Although at least twelve Europeans had penetrated the holy cities of Mecca and Medina in disguise and lived to tell of the experiences, the risk of death if caught was real, and Burton took every precaution, including that of having himself circumcised. Posing as a Pathan born in india of Afghan parents, Burton began the journey determined to fulfill every ritual requirement. He was tormented by heat and desert winds, lamed by nasy foor infection, and threatened by the general hazards of a journey that invariably cost the lives of many Moslem pilgrims. The resulting three-volume account of his adventures, Personal Narrative of a Pilgrimmage to Al-Medinah and Meccah, was a truly remarkable historical document. His insights into Moslem thinking were original and perspicacious; his details, whether written in admiration, contempt, or fury, were exact.
The book made a sensation in England. But instead of returning to enjoy his fame, Burton was off to another holy and forbidden city. Harar, the capital of Somaliland. “When I spoke of visiting it,” he wrote, “men stroked their beards, and in Oriental phrase declared that the human head once struck off does not regrow like the rose.” Undismayed, he put on Moslem garb, penetrated the city, and talked freely with the king, persuading him of Britain’s wish for friendly relations, and after ten days escaped without mishap. This only sharpened his appetite for more. He planned a second expedition with several British officers, among them Captain John John Hanning Speke. Almost at the outset they were ambushed by Somali natives. One man was killed, Speke was badly wounded, and Burton had a javelin hurled through his jaw.
Forced to return to Aden for medical aid, Burton hurredly wrote up the account of both adventures. The resulting First Footsteps in East Africa; or An Exploration of Harar ( 1856) went almost unnoticed in England, for the Crimean War had broken out and overshadowed interest in everything else. Burton went off to the Crimea, where he served on General Beatson’s staff in the Dardanelles. He was never able to get to the front.
Once the war was over, he determined with characteristic audacity to put an end finally to the centuries-old mystery of the source of the White Nile. Al expeditions attempting to trace the great river from Egypt had ended in the cataracts and vast morasses of the South, with heat, malaria and hostile natives taking a dreadful toll; and the origins of the annual September flood that inundated the lower valley were still, in 1858, “the greatest geographical secret after the discovery of America.”
No one had much improved on the map drawn by Ptolemy, which suggested that the Nile rose in two great lakes, said to have been visited by a Greek merchant named Diogenes in the first century A.D. Burton knew that rumors of these lakes had been somewhat substantiated by vague reports from missionaries, and determined to find them by striking westward from the Zanazibar coast. It was an area wholly unexplored and unmapped by Europeans, but somewhat familiar to the slave-trading Arabs.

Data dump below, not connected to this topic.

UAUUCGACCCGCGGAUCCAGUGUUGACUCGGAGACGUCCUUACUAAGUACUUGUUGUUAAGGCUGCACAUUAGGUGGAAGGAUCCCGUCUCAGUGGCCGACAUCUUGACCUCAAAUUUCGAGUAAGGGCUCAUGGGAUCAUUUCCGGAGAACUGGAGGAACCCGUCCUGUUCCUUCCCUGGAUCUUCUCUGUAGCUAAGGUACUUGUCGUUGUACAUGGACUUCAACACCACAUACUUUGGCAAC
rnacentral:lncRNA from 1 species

(see link at end)…THE EXPLORATION OF WHICH HAD BEEN ATTEMPTED IN VAIN
BY SOME THIRTY TRAVELLLERS.
RICHARD returned up the Red Sea to Egypt, and much enjoyed the rest and safety for a short time, and then returned to Bombay, his leave being up ; but the wandering fever was still upon him, and as the most difficult place for a white man to enter was Harar, in Somali-land, Abyssinia, he determined that that should be his object. It is inhabited by a very dangerous race to deal with, and no white man had ever penetrated to Harar. The first white man who went to Abyssinia was kept prisoner till he died. The East India Company had long wished to explore it, because Berberah, the chief port of Somali-land, is the safest and best harbour on the western side of the Indian Ocean far better than Aden. They went to work with that strange mixture of caution and generosity with which they treated those of their servants who stepped out of what Richard calls their ” quarter-deck” routine, that is, to let him go as a private trave
, and the Government to give him no protection, but would allow him to retain the same pay that he would enjoy whilst on leave. Dr. Carter and others refused to do more than to coast
along in a cruiser. Read More:http://archive.org/stream/lifeofcaptainsir01burtuoft/lifeofcaptainsir01burtuoft_djvu.txt
…”The joy of coming to a kraal was great, where the Chiefs of the village appeared, bringing soft speech, sweet water, new milk, fat sheep and goats, for a tobe of Cutch canvas. We passed a quiet, luxurious day of coffee and pipes, fresh cream and roasted mutton. After the great heats and dangers from horsemen on the plain, we enjoyed the cool breeze of the hills, cloudy skies, and the verdure of the glades which refreshed our beasts. Here I shot a few hawks, and was rewarded with loud exclamations of ( Allah preserve thy hand ! may thy skill never fail thee before the foe.’ A woman ran away from my steam kettle, thinking it was a weapon. They looked upon my sunburnt skin with a favour they denied to the lime-white face. The Somali Bedawi gradually affiliated me to their tribes.
” At one village the people rushed out, exclaiming, ‘ Lo ! let us look at the Kings ; : at others, * Come and see the white man ; he is the Governor of Zayla.’ My fairness (for, brown as I am, I am fair to them) and the Arab dress made me sometimes the ruler of Aden, the Chief of Zayla, the Haji’s son, a boy, an old woman, a man painted white, a warrior in silver armour, a merchant, a pilgrim, a head priest, Ahmed the Indian, a Turk, an Egyptian, a Frenchman, a Banyan, a Sherif,. and, lastly, a calamity sent down from heaven to weary out the lives of the Somal. Every kraal had its own conjecture. Read More:http://archive.org/stream/lifeofcaptainsir01burtuoft/lifeofcaptainsir01burtuoft_djvu.txt